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Aust N Z J Public Health. 2014 Feb;38(1):78-82. doi: 10.1111/1753-6405.12161.

Can Australia eliminate TB? Modelling immigration strategies for reaching MDG targets in a low-transmission setting.

Author information

1
Victorian Infectious Diseases Service, Royal Melbourne Hospital, at the Peter Doherty Institute for Infection and Immunity, Victoria; Department of Microbiology and Immunology, University of Melbourne, Victoria;

Abstract

BACKGROUND:

The 2050 Millennium Development Goals (MDG) for tuberculosis (TB) aim for elimination of TB as a public health issue. We used a mathematical modelling approach to evaluate the feasibility of this target in a low-prevalence setting with immigration-related strategies directed at latent tuberculosis.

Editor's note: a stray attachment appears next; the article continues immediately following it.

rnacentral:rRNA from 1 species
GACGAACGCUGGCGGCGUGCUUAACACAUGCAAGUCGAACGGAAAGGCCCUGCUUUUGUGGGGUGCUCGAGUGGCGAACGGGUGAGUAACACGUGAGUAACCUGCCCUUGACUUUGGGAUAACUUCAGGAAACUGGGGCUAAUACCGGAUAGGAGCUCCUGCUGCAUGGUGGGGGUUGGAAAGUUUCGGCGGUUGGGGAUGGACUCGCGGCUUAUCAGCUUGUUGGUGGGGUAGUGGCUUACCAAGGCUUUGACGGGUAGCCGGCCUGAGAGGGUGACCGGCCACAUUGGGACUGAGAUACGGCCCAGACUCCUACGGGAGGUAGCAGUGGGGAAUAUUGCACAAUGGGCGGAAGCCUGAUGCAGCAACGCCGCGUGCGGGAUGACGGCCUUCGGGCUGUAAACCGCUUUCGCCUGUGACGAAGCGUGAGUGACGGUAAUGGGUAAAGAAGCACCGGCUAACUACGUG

METHODS:

We used a stochastic individual-based model to simulate tuberculosis disease among immigrants to Victoria, Australia; a representative low-transmission setting. A variety of screening and treatment approaches aimed at preventing reactivation of latent infection were applied to evaluate overall tuberculosis incidence reduction and rates of multidrug resistant disease.

RESULTS:

Without additional intervention, tuberculosis incidence was predicted to reach 34.5 cases/million by 2050. Strategies involving the introduction of an available screening/treatment combination reduced TB incidence to between 16.9-23.8 cases/million, and required screening of 136-427 new arrivals for each case of TB prevented. Limiting screening to higher incidence regions of origin was less effective but more efficient.

CONCLUSIONS:

Public health strategies targeting latent tuberculosis infection in immigrants may substantially reduce tuberculosis incidence in a low prevalence region. However, immigration-focused strategies cannot achieve the 2050 MDG and alternative or complementary approaches are required.

KEYWORDS:

immigration; latent tuberculosis infection; mathematical model; public health; screening

PMID:
24494951
DOI:
10.1111/1753-6405.12161
[Indexed for MEDLINE]

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